Initial momentum of the molecule along 𝑥−axis = 𝑚𝑣𝑥

Final momentum of the molecule along 𝑥−axis = −𝑚𝑣𝑥

Change in momentum = −𝑚𝑣𝑥 − 𝑚𝑣𝑥 = −2𝑚𝑣𝑥

Momentum transferred to the wall = 2𝑚𝑣𝑥

To calculate pressure on the face 𝐹1, we have to calculate momentum transferred in time 𝑑𝑡. In time 𝑑𝑡, a molecule with 𝑥 −component of velocity 𝑣𝑥 will hit the face 𝐹1, if it is within a distance of 𝑣𝑥𝑑𝑡 from face 𝐹1. Then all the molecules within this distance will hit the face 𝐹1. Number of molecules within this volume = 𝑛𝐴𝑣𝑥𝑑𝑡

On the average half of these molecules are moving towards face 𝐹1 and half away from the face 𝐹1.

Number of molecules hitting the face 𝐹1 = (1/2)𝑛𝐴𝑣𝑥𝑑𝑡

Momentum transferred to the wall by these molecules 𝑑𝑝 = 2𝑚𝑣𝑥(1/2)𝑛𝐴𝑣𝑥𝑑𝑡𝑑𝑝 = 𝑛𝑚𝐴𝑣𝑥2𝑑𝑡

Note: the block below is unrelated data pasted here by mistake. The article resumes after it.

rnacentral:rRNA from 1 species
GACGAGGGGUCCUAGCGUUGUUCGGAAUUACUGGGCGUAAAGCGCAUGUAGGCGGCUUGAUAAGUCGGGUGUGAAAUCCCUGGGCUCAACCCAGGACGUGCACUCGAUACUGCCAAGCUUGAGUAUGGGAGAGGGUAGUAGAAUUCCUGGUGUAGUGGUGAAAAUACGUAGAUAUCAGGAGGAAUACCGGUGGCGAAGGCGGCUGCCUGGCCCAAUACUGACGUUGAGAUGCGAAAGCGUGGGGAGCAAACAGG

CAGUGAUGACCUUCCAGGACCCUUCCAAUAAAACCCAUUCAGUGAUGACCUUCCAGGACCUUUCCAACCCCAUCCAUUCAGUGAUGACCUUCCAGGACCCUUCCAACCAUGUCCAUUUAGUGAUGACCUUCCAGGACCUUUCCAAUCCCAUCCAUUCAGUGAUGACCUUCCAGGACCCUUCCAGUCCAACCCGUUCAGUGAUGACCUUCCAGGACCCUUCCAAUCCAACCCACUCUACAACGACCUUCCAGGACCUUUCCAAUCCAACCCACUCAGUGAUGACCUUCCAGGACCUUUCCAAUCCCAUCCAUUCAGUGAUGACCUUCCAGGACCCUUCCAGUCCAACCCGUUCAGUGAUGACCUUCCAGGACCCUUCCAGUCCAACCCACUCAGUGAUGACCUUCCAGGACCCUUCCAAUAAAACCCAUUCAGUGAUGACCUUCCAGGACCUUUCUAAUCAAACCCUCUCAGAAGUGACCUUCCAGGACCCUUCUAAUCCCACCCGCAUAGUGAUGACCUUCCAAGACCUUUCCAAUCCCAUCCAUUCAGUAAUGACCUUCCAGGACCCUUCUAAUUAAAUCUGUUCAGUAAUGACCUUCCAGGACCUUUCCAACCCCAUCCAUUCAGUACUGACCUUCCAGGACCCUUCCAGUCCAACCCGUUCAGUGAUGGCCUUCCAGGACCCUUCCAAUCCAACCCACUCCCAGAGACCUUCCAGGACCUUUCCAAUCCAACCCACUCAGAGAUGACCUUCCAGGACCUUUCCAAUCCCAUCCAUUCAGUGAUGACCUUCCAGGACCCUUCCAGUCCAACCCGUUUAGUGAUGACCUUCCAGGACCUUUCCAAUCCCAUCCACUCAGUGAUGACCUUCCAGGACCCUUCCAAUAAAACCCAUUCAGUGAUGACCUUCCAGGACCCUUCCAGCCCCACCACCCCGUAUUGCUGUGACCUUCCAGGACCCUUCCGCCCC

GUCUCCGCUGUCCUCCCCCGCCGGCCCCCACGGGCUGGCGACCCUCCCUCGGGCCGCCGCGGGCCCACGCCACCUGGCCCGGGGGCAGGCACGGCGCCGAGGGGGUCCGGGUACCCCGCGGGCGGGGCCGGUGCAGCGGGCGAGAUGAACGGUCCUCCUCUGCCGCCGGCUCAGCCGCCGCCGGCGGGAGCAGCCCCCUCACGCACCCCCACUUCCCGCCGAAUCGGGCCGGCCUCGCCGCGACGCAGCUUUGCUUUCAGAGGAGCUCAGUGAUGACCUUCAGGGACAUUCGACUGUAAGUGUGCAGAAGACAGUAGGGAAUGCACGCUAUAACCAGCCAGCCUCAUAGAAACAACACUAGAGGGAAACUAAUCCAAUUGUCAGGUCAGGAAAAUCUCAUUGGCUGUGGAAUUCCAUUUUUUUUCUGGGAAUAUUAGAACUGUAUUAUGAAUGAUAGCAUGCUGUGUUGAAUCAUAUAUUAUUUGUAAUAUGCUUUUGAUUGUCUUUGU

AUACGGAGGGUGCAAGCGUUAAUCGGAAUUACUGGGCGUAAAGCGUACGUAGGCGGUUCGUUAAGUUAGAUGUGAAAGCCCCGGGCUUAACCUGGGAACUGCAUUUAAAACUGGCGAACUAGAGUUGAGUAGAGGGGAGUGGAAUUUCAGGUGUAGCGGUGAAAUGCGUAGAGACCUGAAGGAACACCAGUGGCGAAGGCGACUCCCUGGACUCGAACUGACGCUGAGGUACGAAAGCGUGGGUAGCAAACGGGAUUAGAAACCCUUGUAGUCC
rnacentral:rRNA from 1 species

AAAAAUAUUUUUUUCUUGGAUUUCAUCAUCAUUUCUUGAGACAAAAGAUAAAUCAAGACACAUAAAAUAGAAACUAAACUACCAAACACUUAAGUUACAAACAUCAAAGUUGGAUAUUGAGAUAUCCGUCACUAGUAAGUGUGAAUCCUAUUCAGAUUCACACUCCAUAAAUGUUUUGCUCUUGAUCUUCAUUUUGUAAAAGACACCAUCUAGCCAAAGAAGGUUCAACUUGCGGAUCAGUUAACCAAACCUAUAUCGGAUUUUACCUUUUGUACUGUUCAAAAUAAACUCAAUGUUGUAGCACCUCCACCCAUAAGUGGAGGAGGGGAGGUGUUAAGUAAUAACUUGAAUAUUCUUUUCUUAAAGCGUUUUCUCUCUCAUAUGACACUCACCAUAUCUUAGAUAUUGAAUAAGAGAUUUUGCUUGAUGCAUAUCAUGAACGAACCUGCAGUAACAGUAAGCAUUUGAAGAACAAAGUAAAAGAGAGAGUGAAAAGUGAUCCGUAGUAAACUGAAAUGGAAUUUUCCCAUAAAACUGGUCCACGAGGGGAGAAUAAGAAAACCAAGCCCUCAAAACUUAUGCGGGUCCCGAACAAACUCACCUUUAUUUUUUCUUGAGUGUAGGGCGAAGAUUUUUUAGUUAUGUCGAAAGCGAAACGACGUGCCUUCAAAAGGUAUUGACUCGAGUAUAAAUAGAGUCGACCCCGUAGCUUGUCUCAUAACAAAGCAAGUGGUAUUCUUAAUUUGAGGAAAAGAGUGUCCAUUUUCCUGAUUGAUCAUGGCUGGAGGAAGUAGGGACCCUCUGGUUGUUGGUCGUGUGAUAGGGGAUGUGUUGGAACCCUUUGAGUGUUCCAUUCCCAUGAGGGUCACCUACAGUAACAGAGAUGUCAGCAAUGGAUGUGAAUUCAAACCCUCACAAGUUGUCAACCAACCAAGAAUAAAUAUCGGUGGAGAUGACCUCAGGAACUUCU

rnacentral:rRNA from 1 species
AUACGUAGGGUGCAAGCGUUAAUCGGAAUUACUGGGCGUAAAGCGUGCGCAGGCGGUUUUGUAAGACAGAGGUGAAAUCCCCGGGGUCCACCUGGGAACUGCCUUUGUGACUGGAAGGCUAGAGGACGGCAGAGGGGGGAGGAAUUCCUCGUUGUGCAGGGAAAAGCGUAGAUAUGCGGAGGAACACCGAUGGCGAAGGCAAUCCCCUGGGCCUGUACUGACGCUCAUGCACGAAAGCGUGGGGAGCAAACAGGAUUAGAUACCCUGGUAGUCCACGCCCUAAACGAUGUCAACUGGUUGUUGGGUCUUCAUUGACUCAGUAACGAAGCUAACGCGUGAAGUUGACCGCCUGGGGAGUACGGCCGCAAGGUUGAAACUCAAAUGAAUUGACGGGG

Force, 𝐹 = 𝑑𝑝/𝑑𝑡 = 𝑛𝑚𝐴𝑣𝑥2

Pressure, 𝑃 = 𝐹/𝐴 = 𝑛𝑚𝐴𝑣𝑥2/𝐴 = 𝑛𝑚𝑣𝑥2

Actually all the molecules in the gas do not have the same velocity. Therefore Pressure exerted by these molecules on face 𝐹1 is,


→ average of 𝑣𝑥2

But Inside the container the molecules are in random motion. By symmetry

Average of



→ mean of the square speed.

Kinetic interpretation of Temperature (Relation between Kinetic energy and temperature)

We have


 is the average translational kinetic energy of the molecules of the gas.

The internal energy of the gas is purely kinetic and is given by,

Equation (i) becomes, 𝑃𝑉 = (2/3)𝐸

But we have, 𝑃𝑉 = 𝑘𝐵𝑁𝑇

Therefor𝑒 𝐸 = (3/2)𝑘𝐵𝑁𝑇

𝑬/𝑵 = (𝟑/𝟐)𝒌𝑩𝑻

Where 𝐸/𝑁 → average kinetic energy of a molecule. Implies that, 𝑬/𝑵 ∝ 𝑻 or 〈𝑬𝒕〉 ∝ 𝑻

The average kinetic energy is directly proportional to the absolute temperature.

Definition for Temperature

Temperature is defined as the average kinetic energy of a molecule.

RMS speed of a gas molecule